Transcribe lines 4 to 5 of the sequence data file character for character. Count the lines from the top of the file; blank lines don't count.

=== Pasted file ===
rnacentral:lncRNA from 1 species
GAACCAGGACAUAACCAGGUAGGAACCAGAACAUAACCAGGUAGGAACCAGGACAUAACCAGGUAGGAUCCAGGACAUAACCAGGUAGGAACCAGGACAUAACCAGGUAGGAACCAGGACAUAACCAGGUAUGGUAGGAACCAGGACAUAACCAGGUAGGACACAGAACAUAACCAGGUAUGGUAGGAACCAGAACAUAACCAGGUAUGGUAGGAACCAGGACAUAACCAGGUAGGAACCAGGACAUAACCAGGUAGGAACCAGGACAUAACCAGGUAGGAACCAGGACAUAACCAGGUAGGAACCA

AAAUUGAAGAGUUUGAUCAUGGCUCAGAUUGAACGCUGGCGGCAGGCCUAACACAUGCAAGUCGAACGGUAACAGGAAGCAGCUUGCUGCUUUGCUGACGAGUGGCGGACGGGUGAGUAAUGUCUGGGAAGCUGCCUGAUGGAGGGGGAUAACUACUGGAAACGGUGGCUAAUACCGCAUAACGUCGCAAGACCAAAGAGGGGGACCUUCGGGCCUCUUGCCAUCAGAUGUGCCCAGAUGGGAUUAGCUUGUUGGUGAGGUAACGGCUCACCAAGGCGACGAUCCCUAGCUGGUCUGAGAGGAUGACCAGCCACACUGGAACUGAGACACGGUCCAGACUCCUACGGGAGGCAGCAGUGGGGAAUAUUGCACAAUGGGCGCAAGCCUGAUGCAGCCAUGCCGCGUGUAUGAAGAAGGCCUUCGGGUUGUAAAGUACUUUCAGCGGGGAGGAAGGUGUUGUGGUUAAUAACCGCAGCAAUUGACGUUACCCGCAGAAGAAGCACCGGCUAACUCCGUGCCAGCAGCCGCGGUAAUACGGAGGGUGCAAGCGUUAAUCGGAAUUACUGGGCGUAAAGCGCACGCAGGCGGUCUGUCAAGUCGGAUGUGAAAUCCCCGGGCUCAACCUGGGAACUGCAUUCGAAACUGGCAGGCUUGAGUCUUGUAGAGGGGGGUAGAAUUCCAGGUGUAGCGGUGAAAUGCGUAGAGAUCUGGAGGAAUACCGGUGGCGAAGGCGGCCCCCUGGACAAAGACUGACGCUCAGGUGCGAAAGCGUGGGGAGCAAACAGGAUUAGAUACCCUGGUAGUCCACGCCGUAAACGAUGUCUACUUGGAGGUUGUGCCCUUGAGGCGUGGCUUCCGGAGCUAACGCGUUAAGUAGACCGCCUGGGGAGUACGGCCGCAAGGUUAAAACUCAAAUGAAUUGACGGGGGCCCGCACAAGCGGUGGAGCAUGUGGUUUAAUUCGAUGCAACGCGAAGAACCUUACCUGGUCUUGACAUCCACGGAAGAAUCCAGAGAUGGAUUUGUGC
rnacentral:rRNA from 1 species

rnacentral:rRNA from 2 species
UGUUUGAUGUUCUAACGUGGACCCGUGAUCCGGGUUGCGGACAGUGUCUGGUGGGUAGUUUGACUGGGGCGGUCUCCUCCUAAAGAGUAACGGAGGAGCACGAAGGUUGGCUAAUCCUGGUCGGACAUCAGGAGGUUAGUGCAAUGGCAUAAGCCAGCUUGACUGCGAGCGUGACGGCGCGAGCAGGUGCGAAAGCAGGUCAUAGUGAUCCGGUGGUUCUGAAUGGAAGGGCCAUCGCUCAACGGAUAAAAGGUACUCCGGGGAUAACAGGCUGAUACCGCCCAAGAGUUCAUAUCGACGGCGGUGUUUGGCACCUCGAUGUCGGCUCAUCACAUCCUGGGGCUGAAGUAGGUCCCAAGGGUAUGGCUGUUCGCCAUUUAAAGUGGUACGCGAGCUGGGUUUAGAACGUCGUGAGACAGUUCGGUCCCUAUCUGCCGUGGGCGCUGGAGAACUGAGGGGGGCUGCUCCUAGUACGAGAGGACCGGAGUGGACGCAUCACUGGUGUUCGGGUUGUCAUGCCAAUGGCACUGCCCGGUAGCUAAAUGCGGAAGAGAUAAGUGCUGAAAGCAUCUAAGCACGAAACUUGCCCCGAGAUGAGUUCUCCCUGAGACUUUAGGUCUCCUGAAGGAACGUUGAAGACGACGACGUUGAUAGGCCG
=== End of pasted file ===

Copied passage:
rnacentral:rRNA from 1 species

rnacentral:rRNA from 2 species